Arq Group future hangs in the balance

Company now entirely dependent on lenders to continue operations

The future of hosting services company Arq Group is hanging by a thread as it becomes entirely reliant on money from lenders to continue operations.

The beleaguered company -- formerly known as Melbourne IT -- closed the 2020 half year ending 31 December with a loss of $129 million and an earnings loss of up to $31 million.

In its annual report, the publicly listed company warned shareholders it may end up in breach of financial covenants with its lenders, which could lead to banks withdrawing funding at 60 days notice.

Therefore, the group is dependent on “the ongoing support of its lenders to continue to provide the existing facilities and any required additional facilities to be able to continue as a going concern,” Arq Group reported.

The company is planning to execute a strategic review and potentially sell its small- and medium-sized business (SMB) -- its last remaining unit.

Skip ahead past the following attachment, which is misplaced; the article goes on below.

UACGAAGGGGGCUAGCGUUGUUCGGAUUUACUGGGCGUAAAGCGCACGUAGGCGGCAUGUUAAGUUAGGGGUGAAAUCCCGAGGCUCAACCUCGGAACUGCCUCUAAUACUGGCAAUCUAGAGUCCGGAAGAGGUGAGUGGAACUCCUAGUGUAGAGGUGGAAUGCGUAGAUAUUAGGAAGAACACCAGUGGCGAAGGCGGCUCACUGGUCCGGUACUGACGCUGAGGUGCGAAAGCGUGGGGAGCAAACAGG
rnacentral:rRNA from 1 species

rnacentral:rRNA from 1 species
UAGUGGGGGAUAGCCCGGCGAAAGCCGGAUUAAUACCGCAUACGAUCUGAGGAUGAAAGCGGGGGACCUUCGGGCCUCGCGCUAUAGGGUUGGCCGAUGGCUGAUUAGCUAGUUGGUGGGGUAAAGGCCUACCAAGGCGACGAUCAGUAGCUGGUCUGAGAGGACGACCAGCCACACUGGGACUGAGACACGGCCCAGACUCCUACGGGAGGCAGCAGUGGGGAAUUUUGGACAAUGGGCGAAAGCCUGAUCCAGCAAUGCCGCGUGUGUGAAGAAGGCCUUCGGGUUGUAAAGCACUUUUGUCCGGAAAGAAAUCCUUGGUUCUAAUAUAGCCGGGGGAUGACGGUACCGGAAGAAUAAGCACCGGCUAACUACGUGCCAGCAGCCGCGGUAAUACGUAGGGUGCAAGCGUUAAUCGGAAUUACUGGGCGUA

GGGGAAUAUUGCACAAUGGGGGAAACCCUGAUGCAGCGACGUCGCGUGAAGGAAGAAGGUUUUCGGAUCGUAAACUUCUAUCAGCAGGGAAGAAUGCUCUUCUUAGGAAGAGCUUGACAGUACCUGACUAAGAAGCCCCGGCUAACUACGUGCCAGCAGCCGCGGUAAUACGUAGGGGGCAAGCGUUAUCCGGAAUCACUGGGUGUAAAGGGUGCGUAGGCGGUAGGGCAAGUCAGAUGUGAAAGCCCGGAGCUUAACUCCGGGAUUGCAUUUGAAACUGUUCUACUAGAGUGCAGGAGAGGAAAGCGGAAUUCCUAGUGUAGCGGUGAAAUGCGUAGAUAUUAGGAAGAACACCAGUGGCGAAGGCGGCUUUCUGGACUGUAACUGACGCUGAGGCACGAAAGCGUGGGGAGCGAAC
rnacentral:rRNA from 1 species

However, if financial support is withdrawn, Arq will be required to seek additional short-term funding.

The results come off the back of a difficult year for Arq, starting with the sale of its TPP Wholesale Reseller arm, the resignation of CEO Martin Mercer in September, and finally the sale of its enterprise services business, which closed last month. 

Revenue for the remaining operations -- its SMB Indirect and Direct businesses -- meanwhile slipped down from $100 million to $83.6 million year-on-year. 

Its board has now elected to reduce  the number of directors from six to four, while those remaining will receive 50 per cent less in fees after the enterprise service arm sale closes on 2 March.

Despite its dwindling fortunes, the company’s release to shareholders still plugs the company as “[managing] innovative channels to market for many of the country’s largest enterprises, whilst simultaneously supporting half a million small businesses throughout their online journey”.